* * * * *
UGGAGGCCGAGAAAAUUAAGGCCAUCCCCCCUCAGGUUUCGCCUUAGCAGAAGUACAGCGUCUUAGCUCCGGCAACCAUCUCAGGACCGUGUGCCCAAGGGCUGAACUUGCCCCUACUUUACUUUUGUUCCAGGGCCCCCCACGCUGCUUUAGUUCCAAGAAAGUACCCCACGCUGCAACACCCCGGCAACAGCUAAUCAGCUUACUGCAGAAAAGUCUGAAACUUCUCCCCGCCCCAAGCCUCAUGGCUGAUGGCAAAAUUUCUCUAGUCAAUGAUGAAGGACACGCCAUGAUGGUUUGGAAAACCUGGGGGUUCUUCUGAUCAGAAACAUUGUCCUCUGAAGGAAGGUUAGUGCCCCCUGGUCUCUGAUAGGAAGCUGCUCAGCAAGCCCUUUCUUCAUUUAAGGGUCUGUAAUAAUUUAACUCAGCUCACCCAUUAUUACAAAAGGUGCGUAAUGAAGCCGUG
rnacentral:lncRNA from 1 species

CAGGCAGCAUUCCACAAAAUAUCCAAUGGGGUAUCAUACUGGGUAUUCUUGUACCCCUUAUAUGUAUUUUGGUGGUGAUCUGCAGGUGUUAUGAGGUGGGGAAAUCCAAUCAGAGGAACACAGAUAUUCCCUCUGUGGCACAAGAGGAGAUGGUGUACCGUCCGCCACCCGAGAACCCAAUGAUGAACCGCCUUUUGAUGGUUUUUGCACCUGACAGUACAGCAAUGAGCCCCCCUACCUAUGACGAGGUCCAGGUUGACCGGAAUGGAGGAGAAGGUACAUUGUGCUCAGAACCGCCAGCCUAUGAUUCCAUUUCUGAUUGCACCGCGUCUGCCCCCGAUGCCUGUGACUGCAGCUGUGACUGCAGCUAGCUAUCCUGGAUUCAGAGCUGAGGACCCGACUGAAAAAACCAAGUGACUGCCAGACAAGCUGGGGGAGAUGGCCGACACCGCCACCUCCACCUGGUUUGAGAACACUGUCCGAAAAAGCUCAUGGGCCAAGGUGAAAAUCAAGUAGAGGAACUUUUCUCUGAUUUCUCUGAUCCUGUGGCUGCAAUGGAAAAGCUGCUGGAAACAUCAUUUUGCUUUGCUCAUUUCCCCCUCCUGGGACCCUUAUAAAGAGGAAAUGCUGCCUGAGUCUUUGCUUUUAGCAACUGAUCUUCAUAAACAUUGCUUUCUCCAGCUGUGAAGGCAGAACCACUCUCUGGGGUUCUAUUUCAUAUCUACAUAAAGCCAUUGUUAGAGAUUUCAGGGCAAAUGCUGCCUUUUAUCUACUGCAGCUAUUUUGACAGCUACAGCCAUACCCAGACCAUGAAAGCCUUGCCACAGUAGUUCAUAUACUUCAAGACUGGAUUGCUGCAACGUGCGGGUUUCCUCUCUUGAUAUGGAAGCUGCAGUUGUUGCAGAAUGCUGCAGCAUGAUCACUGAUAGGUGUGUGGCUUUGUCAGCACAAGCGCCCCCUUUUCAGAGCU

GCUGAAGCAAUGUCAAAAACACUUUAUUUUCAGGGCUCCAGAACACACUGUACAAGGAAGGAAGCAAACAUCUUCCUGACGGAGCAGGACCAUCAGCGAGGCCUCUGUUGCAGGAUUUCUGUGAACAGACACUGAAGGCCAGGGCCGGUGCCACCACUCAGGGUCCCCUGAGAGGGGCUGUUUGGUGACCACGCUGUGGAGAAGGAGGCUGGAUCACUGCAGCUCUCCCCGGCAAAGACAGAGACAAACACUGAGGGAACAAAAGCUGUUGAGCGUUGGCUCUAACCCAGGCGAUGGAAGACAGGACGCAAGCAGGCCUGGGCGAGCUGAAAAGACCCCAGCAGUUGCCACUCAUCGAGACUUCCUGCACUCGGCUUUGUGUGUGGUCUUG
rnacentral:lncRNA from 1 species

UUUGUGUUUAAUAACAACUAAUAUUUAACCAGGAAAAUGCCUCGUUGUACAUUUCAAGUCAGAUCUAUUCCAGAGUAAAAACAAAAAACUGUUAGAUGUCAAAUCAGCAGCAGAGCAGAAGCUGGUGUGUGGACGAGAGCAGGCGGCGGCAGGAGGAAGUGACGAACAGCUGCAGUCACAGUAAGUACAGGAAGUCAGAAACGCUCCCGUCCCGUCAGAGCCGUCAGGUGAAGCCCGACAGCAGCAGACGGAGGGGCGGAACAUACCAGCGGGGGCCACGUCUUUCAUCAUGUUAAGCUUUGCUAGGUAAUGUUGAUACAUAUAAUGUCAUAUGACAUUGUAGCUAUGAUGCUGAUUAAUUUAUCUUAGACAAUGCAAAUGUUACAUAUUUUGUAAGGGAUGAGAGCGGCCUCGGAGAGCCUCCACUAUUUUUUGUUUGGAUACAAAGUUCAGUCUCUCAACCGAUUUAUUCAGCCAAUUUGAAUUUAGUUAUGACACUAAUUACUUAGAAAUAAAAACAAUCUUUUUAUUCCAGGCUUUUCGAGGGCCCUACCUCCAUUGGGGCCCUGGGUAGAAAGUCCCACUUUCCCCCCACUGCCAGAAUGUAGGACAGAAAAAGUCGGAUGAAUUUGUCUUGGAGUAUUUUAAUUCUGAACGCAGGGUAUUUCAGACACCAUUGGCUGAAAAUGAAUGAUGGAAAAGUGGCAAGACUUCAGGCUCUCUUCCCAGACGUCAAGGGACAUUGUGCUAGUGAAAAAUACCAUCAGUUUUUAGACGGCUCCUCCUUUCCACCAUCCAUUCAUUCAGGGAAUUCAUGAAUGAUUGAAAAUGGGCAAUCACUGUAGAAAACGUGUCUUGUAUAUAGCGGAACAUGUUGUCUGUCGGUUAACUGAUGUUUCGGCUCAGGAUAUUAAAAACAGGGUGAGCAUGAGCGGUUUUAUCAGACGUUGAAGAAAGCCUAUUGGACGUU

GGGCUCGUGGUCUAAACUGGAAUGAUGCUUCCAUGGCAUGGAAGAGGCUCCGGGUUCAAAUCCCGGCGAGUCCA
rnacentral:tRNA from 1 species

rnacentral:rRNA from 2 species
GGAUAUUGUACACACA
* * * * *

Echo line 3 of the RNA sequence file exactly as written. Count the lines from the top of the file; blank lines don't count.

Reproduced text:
CAGGCAGCAUUCCACAAAAUAUCCAAUGGGGUAUCAUACUGGGUAUUCUUGUACCCCUUAUAUGUAUUUUGGUGGUGAUCUGCAGGUGUUAUGAGGUGGGGAAAUCCAAUCAGAGGAACACAGAUAUUCCCUCUGUGGCACAAGAGGAGAUGGUGUACCGUCCGCCACCCGAGAACCCAAUGAUGAACCGCCUUUUGAUGGUUUUUGCACCUGACAGUACAGCAAUGAGCCCCCCUACCUAUGACGAGGUCCAGGUUGACCGGAAUGGAGGAGAAGGUACAUUGUGCUCAGAACCGCCAGCCUAUGAUUCCAUUUCUGAUUGCACCGCGUCUGCCCCCGAUGCCUGUGACUGCAGCUGUGACUGCAGCUAGCUAUCCUGGAUUCAGAGCUGAGGACCCGACUGAAAAAACCAAGUGACUGCCAGACAAGCUGGGGGAGAUGGCCGACACCGCCACCUCCACCUGGUUUGAGAACACUGUCCGAAAAAGCUCAUGGGCCAAGGUGAAAAUCAAGUAGAGGAACUUUUCUCUGAUUUCUCUGAUCCUGUGGCUGCAAUGGAAAAGCUGCUGGAAACAUCAUUUUGCUUUGCUCAUUUCCCCCUCCUGGGACCCUUAUAAAGAGGAAAUGCUGCCUGAGUCUUUGCUUUUAGCAACUGAUCUUCAUAAACAUUGCUUUCUCCAGCUGUGAAGGCAGAACCACUCUCUGGGGUUCUAUUUCAUAUCUACAUAAAGCCAUUGUUAGAGAUUUCAGGGCAAAUGCUGCCUUUUAUCUACUGCAGCUAUUUUGACAGCUACAGCCAUACCCAGACCAUGAAAGCCUUGCCACAGUAGUUCAUAUACUUCAAGACUGGAUUGCUGCAACGUGCGGGUUUCCUCUCUUGAUAUGGAAGCUGCAGUUGUUGCAGAAUGCUGCAGCAUGAUCACUGAUAGGUGUGUGGCUUUGUCAGCACAAGCGCCCCCUUUUCAGAGCU